What it means to write authentically
“I have come to believe over and over again that what is most important to me must be spoken, made verbal and shared, even at the risk of having it bruised or misunderstood.”
― Audre Lorde
“If I didn't define myself for myself, I would be crunched into other people's fantasies for me and eaten alive.”
― Audre Lorde
Any time I come across an Audre Lorde quote I feel like she is still here and that she is speaking directly to me. When I think about writing authentically, I think about saying the things I want to say, the important things, the necessary things, and sometimes the painful things. This is what I love about Audre Lorde: her poems read as a narrative, her prose read like a personal conversation, where she in turn nudges you to do the work and speak the truths that make up your authentic story.
Memory (especially traumatic memory) can be blurry, fragmented, mixed, and even non-existent. This blurriness needs to be recognized, addressed, and included in your work for the story to be authentic. Often, writers assume they should only include what can easily be transcribed, but if writing is supposed to be easy … everyone would be doing it!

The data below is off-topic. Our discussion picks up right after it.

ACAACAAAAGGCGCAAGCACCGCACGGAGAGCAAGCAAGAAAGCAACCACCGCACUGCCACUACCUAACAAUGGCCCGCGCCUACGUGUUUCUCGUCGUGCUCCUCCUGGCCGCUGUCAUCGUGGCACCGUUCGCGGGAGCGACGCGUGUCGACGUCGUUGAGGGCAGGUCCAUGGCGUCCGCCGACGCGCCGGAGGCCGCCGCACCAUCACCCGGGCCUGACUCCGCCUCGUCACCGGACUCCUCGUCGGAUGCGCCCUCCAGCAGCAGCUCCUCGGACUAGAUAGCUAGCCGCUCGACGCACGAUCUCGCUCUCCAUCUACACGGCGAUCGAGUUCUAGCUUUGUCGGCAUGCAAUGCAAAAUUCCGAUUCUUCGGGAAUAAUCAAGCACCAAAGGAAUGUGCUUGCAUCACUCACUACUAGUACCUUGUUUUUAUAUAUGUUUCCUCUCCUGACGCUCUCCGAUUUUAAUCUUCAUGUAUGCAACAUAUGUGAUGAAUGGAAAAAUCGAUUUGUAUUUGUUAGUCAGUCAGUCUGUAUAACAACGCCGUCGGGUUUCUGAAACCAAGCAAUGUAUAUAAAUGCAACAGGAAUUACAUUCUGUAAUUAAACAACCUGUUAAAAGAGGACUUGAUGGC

Think of some examples of books that you love (memoirs especially) that SHOW and embrace the blur. Note this and ask yourself why it works, why the story resonates with you, why the brokenness is also part of the completeness.
What can writing authentically do for your readers?
· The shape and form can break down barriers
· Others will feel compelled to tell their stories in a new way or shape
· Full-on engagement
· Your stories become more accessible, and reach new audiences
The above post is from one of my Advanced Memoir Workshop lectures.